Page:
London, Jan 18 : Britain's former top police officer has been accused of being a part of a conspiracy to murder Princess Diana.
Diana's lover Dodi Al fayed's father Mohamed Al Fayed's barrister Michael Mansfield QC accused ex-Metropolitan Police Commissioner Lord Condon of deliberately covering up evidence, because he knew the princess' death in Paris was linked to 'British state agencies'.
However, Lord Condon described the allegations, made at Diana's ongoing death inquest in London, as 'abhorrent' and 'disgusting'.
The astonishing exchange came during cross-examination about a note from the princess to her lawyer Lord Mishcon in 1995, in which she revealed she feared she would be killed in a car crash.
Lord Mishcon, who has since died, handed the letter to Lord Condon 18 days after the deaths of Diana, Dodi Fayed and driver Henri Paul in 1997.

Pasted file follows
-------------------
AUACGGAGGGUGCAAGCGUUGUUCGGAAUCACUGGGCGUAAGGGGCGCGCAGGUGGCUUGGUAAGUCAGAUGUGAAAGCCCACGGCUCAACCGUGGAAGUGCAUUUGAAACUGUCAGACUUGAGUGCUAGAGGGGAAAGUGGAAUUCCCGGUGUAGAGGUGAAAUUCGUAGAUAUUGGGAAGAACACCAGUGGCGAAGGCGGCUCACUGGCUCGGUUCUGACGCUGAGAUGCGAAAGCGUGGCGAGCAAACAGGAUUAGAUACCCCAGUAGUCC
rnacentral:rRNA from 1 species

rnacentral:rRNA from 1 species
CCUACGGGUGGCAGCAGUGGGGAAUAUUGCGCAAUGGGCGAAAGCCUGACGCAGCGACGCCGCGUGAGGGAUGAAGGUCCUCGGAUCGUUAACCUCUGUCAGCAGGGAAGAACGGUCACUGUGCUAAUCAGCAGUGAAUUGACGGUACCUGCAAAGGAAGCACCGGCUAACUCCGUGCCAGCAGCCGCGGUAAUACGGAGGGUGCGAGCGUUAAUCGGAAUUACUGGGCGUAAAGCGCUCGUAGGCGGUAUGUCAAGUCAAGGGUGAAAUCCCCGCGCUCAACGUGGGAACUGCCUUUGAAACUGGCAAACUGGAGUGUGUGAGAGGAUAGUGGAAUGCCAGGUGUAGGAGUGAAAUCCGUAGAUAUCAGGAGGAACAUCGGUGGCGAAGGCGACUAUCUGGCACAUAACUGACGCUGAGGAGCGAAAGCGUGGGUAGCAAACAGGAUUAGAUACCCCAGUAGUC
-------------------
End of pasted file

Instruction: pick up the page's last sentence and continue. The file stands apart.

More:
However, the crucial note was not passed on to Coroner Michael Burgess until 2003, when a similar letter was made public by Diana's former butler, Paul Burrell.
Mansfield told the jury that it was Lord Condon's legal duty to reveal the letter in 1997.
"I'm going to make it plain to you, Lord Condon, that the reason why potentially relevant material was not handed to the coroner immediately and in fact, not at all until Paul Burrell put his letter in the public domain, was that you were sitting on it knowing that something had gone wrong in Paris linked to the work of British state agencies," The Sun quoted Mansfield, as saying.
A stunned Lord Condon replied: "That is about the most serious allegation that could ever be made of someone in my position and I totally refute it as a blatant lie."
"I find the suggestion, though I respect your right to raise it, as totally abhorrent, offensive and would actually mean that I'm a murderer in essence, part of a murderous conspiracy. There is not one iota of truth in what Mr Mansfield is suggesting," he added.
Lord Condon had earlier told the High Court inquest he believed Diana would still be alive if she had not given up her protection by the Met.
He said he begged her to change her mind, adding: "Her problem with protection was, sadly, that she did not have police protection. I wish she had."